Corrections officers failed to follow jail policy and left doors unlocked Saturday, allowing a female inmate in the maximum-security wing of the Cumberland County Jail to leave her cell and enter the cell of a male inmate to have sex with him, Sheriff Kevin Joyce said Monday.

Officers left two doors unlocked at the top of a stairwell separating the maximum-security sections for men and women to make it easier to serve lunch. The inmates tampered with the locks of their own cell doors, and the two unlocked doors gave the woman access to a locked-down area, Joyce said.

The sheriff’s office adopted new policies after a similar breach in 2012, but those policies were not followed Saturday, he said.

“I know that being a corrections officer is a tough job, serving the plates and the trays, up the stairs, down the stairs, requiring someone to open the door every time is a hardship, but it is a maximum-security unit and we anticipate the maximum-security unit is going to be the tightest area in the Cumberland County Jail,” Joyce said at a news conference Monday.

Joyce would not say whether any officers will be reprimanded or what disciplinary action might be taken. He said he would let an investigation take its course before making any decision.

“Right now we have an internal investigation looking at any policy violation, any equipment issues and really going over and making sure where our policies can be tightened, so I will know that at the completion of the investigation,” he said.


Any disciplinary action taken against officers would likely not be made public because personnel matters are confidential, Joyce said.

Saturday’s incident was the second in two years in which inmates in maximum-security cells at the county jail left their cells to have sex.

In March 2012, guards propped open the same two doors that were left unlocked Saturday to keep the doors from slamming and making noise while guards made security checks – a procedure that’s no longer allowed. A male inmate tampered with his lock, got out of his cell and sneaked over to the female cellblock, where he had sex with an inmate. He was caught trying to get back to his own cell about an hour later.

“The maximum-security unit is the jail of the jail, so we want that to be fortified and secure,” Joyce said.

Guards are required to keep doors in the maximum-security area locked at all times, check cell locks every 15 minutes, and ensure that the person they see in each cell is an actual “living, breathing” person, he said.

On Saturday, Renee Glantz, 23, of Windham and Michel D’Angelo, 34, of Middleboro, Mass., jammed the locks of their cell doors with cardboard from toilet paper rolls to prevent the doors from locking, Joyce said.


Neither Glantz nor D’Angelo will face any criminal charges, but will they face internal sanctions from the jail, Joyce said.

Glantz is in jail for allegedly violating probation in a case involving drug charges. D’Angelo is being held for the U.S. Marshals Service while awaiting sentencing for robbing the Kennebunk Savings Bank in Berwick in 2012. He pleaded guilty last month in U.S. District Court in Portland and faces as much as 20 years in prison.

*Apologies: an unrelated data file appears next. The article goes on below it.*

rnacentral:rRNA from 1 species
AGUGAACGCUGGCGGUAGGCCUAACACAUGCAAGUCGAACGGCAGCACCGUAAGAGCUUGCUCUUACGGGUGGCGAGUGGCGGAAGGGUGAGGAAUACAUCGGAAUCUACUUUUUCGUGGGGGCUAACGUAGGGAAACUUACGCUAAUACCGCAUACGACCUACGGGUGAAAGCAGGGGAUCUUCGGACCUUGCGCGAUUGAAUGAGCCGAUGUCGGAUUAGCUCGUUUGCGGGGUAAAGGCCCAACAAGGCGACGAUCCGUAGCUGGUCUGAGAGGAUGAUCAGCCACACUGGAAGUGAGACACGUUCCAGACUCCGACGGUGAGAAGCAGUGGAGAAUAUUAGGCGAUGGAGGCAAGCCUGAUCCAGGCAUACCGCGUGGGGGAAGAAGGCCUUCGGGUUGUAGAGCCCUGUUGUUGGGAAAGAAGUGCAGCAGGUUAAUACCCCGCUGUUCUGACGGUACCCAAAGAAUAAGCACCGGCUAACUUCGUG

The two spent about 3½ hours together in D’Angelo’s cell and had consensual sex before a guard discovered them during a random security check around 2:45 p.m., Joyce said.

The two admitted that they had sex, but refused to say anything else, the sheriff said.

“The good thing about this is that we’re talking about an inmate having sex with another inmate. We’re not talking about, God forbid, planning a funeral for one of my corrections officers because of a temporary lapse of judgment of leaving the doors unlocked, because that quite frankly could have happened,” Joyce said.

He said the breach posed no public threat because, to escape, the inmates would have had to go through six or seven more locked doors.


Maximum-security inmates are confined to their cells 20 hours a day. Joyce said Glantz told guards that she didn’t feel well and returned to her cell from a day room.

She then put a sign on the window in her door saying she didn’t want her medication, Joyce said. The guard who was delivering medication looked through the window, but Glantz had used her blankets and pillows to make it look like she was in bed. By then, she was likely in D’Angelo’s cell, the sheriff said.

Joyce said the two probably arranged the meeting by yelling into heating ducts, the same thing that officials believe the two inmates did in 2012.

Glantz and D’Angelo would not have had any other contact, unless they spoke while being taken to see visitors, Joyce said. He said he didn’t know if the two knew each other before they were jailed.

Joyce said the two did not appear to have a plan for getting Glantz back into her cell before they were discovered.

State Rep. Mark Dion, who preceded Joyce as Cumberland County sheriff, said it is too early for him to judge what happened, either in his capacity as former sheriff or in his current role as a co-chairman of the Legislature’s Criminal Justice and Public Safety Committee.


It is unclear whether the Maine Department of Corrections, which is seeking a greater role in the oversight of Maine’s county jails, will seek to be involved in the investigation of Saturday’s breach. Spokesman Scott Fish did not return a phone message seeking comment.


Scott Dolan can be contacted at 791-6304 or at:

Twitter: @scottddolan

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